Researchers tackle obesity

May 15, 2003, vol. 27, no. 2
By Marianne Meadahl

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The problem of obesity is being brought down to size, as researchers across the country set out to tackle the many facets that underlie its causes.

SFU kinesiology professor Diane Finegood (left), scientific director of the Canadian Institute of Health Research (CIHR), institute of nutrition, metabolism and diabetes, says obesity is a problem of epidemic proportions.

A nationwide environmental scan of researchers, policymakers and stakeholder organizations undertaken last year concluded Finegood's institute should direct $15 million in research funds squarely at the problem.

The funds have now been awarded to a wide range of research projects across the country, together reflecting a strategy to combat obesity.

Finegood explains: “The argument is that obesity occurs because people eat too much and don't exercise. When energy intake exceeds what we expend, it leads to weight gain, in fact, even just 10 extra calories a day can mean gaining a pound a year. Compounded like a mortgage, that can be costly.

“But the root of the obesity problem lies much deeper than that. We need to address the question of how to effectively change people's behaviour.”

The research includes several projects, including a study of the impact of several candidate genes and their interactions with environmental determinants of obesity, such as dietary factors, physical activity habits and socio-economic factors.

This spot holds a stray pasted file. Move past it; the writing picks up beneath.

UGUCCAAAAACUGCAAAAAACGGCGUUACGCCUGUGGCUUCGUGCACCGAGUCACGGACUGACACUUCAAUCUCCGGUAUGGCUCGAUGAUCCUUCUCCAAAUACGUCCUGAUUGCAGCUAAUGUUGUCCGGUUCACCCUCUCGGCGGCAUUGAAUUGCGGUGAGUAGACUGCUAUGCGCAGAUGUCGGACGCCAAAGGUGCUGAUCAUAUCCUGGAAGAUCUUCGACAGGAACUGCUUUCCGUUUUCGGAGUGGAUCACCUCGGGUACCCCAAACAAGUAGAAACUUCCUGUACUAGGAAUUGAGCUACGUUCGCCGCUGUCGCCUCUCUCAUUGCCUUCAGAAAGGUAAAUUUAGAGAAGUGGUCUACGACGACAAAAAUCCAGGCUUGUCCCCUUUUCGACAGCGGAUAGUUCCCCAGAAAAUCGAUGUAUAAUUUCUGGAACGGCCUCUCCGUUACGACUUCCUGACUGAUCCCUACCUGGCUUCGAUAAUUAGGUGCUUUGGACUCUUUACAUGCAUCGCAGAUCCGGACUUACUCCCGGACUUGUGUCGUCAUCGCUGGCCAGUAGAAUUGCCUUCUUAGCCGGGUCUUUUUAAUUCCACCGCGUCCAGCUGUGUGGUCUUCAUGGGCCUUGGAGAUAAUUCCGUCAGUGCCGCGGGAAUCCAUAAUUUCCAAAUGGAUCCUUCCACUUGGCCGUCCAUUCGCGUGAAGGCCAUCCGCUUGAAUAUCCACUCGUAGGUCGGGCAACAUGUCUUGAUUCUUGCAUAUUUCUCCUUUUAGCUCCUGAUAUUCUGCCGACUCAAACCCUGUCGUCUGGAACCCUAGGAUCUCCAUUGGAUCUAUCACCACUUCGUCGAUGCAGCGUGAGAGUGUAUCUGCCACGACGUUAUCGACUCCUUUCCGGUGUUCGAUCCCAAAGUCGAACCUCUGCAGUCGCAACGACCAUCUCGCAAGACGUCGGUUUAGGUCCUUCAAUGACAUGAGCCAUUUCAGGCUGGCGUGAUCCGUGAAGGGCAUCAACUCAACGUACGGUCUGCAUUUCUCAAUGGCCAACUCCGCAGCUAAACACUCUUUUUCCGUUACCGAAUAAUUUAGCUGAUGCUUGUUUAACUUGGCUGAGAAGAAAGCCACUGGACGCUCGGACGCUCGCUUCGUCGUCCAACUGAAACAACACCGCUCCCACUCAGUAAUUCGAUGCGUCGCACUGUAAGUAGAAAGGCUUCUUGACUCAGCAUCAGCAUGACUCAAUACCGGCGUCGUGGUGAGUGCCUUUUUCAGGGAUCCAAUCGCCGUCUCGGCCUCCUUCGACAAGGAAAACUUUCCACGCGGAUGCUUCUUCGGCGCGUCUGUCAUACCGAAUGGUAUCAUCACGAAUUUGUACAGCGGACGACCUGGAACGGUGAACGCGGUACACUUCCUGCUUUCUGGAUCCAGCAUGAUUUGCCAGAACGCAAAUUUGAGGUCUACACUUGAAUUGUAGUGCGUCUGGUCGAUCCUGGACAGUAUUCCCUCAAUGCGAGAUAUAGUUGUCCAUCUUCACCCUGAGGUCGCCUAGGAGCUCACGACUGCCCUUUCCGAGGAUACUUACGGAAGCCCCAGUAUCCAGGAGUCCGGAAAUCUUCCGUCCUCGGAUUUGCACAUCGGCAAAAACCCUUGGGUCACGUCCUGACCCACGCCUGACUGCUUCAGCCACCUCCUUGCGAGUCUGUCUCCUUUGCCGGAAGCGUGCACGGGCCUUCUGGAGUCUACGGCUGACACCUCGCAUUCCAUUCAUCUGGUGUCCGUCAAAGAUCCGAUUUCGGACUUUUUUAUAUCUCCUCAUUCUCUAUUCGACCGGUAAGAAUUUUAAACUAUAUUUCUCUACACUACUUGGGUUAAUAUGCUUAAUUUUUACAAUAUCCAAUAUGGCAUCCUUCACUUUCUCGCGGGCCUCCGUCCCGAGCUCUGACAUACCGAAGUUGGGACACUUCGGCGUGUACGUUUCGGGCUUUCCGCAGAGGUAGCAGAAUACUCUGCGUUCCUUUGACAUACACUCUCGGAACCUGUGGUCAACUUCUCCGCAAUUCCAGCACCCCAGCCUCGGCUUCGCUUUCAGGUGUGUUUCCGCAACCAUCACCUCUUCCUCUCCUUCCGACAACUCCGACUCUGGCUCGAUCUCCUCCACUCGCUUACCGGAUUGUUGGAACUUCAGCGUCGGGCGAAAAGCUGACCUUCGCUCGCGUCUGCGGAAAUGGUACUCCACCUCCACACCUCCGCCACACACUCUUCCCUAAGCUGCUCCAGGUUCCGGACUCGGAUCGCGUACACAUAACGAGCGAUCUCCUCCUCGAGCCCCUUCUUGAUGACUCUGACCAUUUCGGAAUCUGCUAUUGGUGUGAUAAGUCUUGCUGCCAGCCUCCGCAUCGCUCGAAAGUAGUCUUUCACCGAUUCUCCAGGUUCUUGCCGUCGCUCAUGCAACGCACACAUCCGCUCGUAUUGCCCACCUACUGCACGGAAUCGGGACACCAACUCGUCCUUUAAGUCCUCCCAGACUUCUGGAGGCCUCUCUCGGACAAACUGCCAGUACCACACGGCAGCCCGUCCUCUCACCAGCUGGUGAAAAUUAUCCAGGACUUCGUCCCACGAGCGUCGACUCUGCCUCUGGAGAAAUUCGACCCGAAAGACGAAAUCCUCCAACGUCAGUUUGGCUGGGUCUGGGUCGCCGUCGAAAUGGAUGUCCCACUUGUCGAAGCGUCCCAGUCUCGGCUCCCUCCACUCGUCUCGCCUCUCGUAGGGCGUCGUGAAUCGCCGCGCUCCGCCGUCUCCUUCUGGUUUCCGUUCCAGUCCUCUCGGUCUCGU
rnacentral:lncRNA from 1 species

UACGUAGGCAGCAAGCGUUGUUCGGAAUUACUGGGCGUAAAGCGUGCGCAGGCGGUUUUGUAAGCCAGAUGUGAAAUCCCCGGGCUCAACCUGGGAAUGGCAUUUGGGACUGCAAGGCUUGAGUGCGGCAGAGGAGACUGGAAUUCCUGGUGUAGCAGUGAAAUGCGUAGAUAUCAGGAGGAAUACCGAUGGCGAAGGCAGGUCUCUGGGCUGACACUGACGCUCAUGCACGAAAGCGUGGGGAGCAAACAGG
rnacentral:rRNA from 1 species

Another will investigate behavioural, environmental and social determinants of obesity and the impact of interventions for the promotion of healthy weights.

A pilot project will assess parents' perceptions about preschool-aged children's physical activity and screen (TV, computer) viewing behaviours, while another will determine whether dietary fructose during infancy and childhood contributes to the development of obesity.

SFU kinesiologist Scott Lear is participating in the initiative and will investigate how the relationship between body fat and risk factors for heart disease differ between several Lower Mainland immigrant groups.

Finegood says the research addresses the reality that the problem of obesity remains prevalent across the life span.

“We can't afford to be complacent about this,” says Finegood, noting the correlations between excess weight and the potential for ill health. “Targeting obesity early in life has to be part of the equation.”

Finegood's own research on diabetes takes into consideration the problem of obesity.

She is investigating such questions as how obesity impacts the turnover of cells making insulin, and the role of glucose in the death of cells.

Finegood says a lot of new knowledge is emerging about physiological factors that control body weight, and adds the concerted effort now under way to focus on the problem will build on that.

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